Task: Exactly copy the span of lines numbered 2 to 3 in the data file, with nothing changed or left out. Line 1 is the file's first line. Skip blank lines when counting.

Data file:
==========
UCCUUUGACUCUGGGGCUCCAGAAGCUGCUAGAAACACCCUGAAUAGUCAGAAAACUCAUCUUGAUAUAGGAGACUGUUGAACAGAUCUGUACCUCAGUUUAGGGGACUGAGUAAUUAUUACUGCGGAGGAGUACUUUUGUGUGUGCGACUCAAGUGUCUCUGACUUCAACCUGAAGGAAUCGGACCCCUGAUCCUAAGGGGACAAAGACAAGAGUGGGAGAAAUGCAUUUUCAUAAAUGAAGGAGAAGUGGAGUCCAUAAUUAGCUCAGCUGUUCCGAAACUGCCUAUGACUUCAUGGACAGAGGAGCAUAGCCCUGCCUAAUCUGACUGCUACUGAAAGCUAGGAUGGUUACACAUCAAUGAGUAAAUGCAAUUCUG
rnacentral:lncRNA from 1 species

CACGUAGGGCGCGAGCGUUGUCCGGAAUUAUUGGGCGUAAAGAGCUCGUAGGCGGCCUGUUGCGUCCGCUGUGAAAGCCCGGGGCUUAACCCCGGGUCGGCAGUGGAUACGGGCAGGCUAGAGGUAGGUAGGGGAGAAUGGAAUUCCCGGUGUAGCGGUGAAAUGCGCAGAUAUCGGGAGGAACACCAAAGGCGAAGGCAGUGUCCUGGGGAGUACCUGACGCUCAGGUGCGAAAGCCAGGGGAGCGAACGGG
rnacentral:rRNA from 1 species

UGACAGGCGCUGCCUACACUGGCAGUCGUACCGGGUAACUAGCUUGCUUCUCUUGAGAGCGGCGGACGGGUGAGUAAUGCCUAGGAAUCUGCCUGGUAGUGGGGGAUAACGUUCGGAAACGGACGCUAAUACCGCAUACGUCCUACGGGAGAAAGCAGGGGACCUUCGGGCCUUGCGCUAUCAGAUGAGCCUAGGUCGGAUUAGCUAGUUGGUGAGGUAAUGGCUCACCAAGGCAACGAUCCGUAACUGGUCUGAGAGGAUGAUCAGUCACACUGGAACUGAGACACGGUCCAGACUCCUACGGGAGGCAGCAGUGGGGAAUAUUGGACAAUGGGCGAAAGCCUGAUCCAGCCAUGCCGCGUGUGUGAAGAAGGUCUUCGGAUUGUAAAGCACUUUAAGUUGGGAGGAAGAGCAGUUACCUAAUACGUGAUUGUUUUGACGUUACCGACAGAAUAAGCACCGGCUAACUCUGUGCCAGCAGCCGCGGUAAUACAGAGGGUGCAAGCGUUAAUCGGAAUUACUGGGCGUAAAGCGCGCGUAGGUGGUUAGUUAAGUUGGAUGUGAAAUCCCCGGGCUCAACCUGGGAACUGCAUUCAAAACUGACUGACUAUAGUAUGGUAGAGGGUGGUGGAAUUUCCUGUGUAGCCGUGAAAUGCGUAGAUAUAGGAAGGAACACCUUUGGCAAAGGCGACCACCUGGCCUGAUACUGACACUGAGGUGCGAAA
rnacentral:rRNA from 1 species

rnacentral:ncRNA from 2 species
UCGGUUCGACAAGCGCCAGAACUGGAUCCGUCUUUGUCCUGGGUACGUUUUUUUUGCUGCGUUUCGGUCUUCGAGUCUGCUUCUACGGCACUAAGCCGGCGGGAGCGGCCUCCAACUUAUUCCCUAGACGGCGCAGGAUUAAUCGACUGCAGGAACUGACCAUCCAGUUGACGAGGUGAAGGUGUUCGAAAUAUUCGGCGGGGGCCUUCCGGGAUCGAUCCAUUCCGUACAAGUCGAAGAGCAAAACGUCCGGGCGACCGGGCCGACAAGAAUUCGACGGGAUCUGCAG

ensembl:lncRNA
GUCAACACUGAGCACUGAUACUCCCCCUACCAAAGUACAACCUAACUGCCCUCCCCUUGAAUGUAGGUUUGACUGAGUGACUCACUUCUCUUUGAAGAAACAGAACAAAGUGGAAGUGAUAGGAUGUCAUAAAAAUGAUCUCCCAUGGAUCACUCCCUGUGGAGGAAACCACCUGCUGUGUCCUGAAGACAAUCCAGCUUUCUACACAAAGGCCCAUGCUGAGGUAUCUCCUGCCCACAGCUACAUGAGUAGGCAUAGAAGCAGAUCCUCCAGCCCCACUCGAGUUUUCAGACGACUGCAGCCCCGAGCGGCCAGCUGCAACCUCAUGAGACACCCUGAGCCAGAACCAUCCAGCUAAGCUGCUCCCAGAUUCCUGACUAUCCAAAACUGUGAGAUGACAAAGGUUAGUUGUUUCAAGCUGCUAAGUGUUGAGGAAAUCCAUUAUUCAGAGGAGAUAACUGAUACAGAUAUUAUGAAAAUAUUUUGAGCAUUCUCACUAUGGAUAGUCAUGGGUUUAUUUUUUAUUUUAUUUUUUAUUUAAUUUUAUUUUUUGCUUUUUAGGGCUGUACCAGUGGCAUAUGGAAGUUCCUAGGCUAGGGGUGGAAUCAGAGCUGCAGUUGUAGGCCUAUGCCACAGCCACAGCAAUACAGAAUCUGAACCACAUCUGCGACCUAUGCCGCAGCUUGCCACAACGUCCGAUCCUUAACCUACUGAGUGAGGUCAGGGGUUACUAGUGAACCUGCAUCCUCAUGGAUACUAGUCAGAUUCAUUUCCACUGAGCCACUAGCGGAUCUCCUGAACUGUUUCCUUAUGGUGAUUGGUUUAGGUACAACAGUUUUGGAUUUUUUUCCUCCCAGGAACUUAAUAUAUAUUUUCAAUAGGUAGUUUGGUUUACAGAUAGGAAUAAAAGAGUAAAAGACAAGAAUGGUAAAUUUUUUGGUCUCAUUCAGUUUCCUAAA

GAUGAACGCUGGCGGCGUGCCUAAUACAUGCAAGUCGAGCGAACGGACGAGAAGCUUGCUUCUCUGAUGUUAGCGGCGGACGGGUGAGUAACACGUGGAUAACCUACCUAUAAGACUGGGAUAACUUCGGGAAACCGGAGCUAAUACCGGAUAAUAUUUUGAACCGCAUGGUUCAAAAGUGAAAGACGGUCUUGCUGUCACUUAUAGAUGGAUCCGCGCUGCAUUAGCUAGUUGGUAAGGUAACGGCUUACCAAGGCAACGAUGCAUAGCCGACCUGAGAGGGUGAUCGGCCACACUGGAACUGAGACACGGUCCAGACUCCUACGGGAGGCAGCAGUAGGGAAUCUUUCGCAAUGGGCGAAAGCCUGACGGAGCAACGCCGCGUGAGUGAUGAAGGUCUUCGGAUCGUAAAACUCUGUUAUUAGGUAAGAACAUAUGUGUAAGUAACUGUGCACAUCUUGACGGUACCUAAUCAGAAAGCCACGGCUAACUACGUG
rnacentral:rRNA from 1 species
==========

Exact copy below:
rnacentral:lncRNA from 1 species

CACGUAGGGCGCGAGCGUUGUCCGGAAUUAUUGGGCGUAAAGAGCUCGUAGGCGGCCUGUUGCGUCCGCUGUGAAAGCCCGGGGCUUAACCCCGGGUCGGCAGUGGAUACGGGCAGGCUAGAGGUAGGUAGGGGAGAAUGGAAUUCCCGGUGUAGCGGUGAAAUGCGCAGAUAUCGGGAGGAACACCAAAGGCGAAGGCAGUGUCCUGGGGAGUACCUGACGCUCAGGUGCGAAAGCCAGGGGAGCGAACGGG